Hallandale Beach

Attorney for dad of missing Hallandale Beach baby says evidence was damaged

 

A report by a forensic scientist indicates there was no blunt trauma before death, but the cranium was likely damaged while it was being dug up from the backyard by investigators.

cteproff@MiamiHerald.com

The tiny bones recovered from a backyard grave have a story to tell: Are these the remains of Dontrell Melvin, a baby whose family didn’t report him missing for 18 months? And how was the baby killed?

According to notes in the Hallandale Beach police lead investigator’s file, there was blunt force trauma to the child’s cranium after his death, likely caused during the search and recovery of the skeleton.

And that, says attorney Ed Hoeg, who is representing the baby’s father, could have an impact on the case against his client.

“If evidence is compromised, it could change how the case goes,” Hoeg said. “You would hope the evidence would be in pristine condition.”

Meanwhile, the missing child’s parents remain in Broward County jails. Brittney Sierra, 21, faces two counts of felony child neglect; Calvin Melvin, 27, was charged with three felony counts of providing false information to police.

But those charges could be increased if a Texas lab confirms that DNA from a tiny skeleton unearthed in January behind the couple’s former Hallandale Beach rental home matches that of their baby, Dontrell Melvin.

Dontrell, who would have turned 2 last month, had not been seen for nearly 18 months before police learned of his disappearance on Jan 9.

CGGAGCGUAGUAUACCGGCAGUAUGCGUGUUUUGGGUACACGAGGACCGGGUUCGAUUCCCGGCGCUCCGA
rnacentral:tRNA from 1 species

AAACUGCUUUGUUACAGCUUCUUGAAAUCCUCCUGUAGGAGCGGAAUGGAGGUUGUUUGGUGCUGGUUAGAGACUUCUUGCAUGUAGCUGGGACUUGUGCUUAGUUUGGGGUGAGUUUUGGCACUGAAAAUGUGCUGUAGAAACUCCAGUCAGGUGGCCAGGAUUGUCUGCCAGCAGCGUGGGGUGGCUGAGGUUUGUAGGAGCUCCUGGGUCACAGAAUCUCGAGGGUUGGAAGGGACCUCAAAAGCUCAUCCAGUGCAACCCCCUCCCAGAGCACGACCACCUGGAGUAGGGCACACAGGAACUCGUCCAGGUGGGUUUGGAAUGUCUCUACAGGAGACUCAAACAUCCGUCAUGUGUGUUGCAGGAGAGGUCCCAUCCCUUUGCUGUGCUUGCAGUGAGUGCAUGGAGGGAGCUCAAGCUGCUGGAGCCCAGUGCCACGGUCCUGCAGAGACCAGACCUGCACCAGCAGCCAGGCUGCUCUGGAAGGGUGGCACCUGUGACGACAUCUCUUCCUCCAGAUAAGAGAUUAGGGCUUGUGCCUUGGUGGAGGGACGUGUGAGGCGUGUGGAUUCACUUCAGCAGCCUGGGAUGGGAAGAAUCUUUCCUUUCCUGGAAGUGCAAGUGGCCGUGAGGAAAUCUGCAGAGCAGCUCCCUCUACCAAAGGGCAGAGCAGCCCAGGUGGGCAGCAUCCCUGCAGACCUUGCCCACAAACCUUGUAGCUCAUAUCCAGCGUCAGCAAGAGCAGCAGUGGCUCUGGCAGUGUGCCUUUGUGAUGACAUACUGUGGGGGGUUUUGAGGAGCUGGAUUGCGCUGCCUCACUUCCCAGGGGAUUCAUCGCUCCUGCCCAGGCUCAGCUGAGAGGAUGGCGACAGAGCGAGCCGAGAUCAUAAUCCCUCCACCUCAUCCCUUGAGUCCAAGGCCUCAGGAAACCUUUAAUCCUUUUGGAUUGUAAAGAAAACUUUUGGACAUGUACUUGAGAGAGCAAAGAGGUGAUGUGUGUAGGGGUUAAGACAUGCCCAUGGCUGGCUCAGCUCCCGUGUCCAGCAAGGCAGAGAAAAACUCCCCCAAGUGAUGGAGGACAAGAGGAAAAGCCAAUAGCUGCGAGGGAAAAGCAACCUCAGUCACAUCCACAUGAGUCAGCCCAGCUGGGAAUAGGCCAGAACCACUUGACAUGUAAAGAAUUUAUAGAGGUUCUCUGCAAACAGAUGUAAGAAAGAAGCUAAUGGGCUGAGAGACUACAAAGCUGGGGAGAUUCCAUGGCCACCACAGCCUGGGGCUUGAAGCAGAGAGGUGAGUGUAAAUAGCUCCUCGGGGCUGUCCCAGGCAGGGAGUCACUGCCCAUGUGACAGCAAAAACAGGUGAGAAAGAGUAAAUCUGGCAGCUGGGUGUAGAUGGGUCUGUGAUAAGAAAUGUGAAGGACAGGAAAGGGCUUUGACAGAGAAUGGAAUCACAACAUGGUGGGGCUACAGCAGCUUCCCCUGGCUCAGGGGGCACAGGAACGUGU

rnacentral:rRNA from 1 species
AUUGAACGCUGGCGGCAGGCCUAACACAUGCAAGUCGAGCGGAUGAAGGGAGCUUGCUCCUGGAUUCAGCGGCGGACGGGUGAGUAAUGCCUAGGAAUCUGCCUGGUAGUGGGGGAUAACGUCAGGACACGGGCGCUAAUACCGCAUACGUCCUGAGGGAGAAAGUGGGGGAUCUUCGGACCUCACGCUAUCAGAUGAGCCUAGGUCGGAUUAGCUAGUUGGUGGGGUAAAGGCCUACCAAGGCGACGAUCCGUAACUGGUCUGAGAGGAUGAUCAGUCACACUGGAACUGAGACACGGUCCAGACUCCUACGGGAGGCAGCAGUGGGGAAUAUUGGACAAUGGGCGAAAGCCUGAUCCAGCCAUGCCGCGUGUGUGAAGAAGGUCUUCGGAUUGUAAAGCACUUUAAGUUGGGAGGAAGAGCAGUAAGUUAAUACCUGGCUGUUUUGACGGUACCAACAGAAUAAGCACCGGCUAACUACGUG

At first, Melvin told Hallandale Beach police that the child was with his family in Pompano Beach. But when police went there, they were told by the grandparents that they didn’t have the child and hadn’t seen him.

During questioning by police, Melvin changed his story several times, investigators said.

At one point, he told them he’d taken the baby to a fire station under Florida’s Safe Haven Law.

But police didn’t believe him and began questioning Sierra, as well. The couple, who have another child together, pointed fingers at one another, police said.

Their answers led police to the backyard of their former rental home at 106 NW First Ave.

It was there that tiny bones were found.

Nearly 90 percent of the baby’s remains were recovered and reconstructed. An initial review of the bones did not reveal any trauma to the bones, said Hallandale Beach Police Chief Dwayne Flournoy.

However, on Jan. 25, forensic anthropologist Heather Walsh-Haney briefed investigators, including Flournoy, Maj. Thomas Honan and Capt. P. Abut, on the case. In his notes, a Hallandale Beach investigator, who was not identified, wrote: “Dr. Walsh-Haney stated that there were no signs of perimortem blunt trauma. However, there was evidence of a postmortem blunt trauma to the cranium. She stated that said postmortem trauma had probably occurred during the search and recovery of the skeleton.”

The notes were provided to The Miami Herald by Hoeg.

The damage to the cranium, Hoeg said, could prove problematic for the case against his client.

“If there is only trauma afterward, did the damage destroy evidence?” he said.

But on Friday, Police Chief Flournoy insisted there was not any damage caused post-mortem to the skeleton. “The bones were not compromised in any way,” said Flournoy.

Regardless, the Texas lab working to identify the baby’s remains has enough evidence to work with.

All a scientist needs is a small bone fragment to create a DNA profile, said John Fudenberg, the president-elect for International Association of Coroners and Medical Examiners.

“Unless there is significant trauma noted, it’s very difficult for a medical examiner to determine the cause of death,” Fudenberg added.

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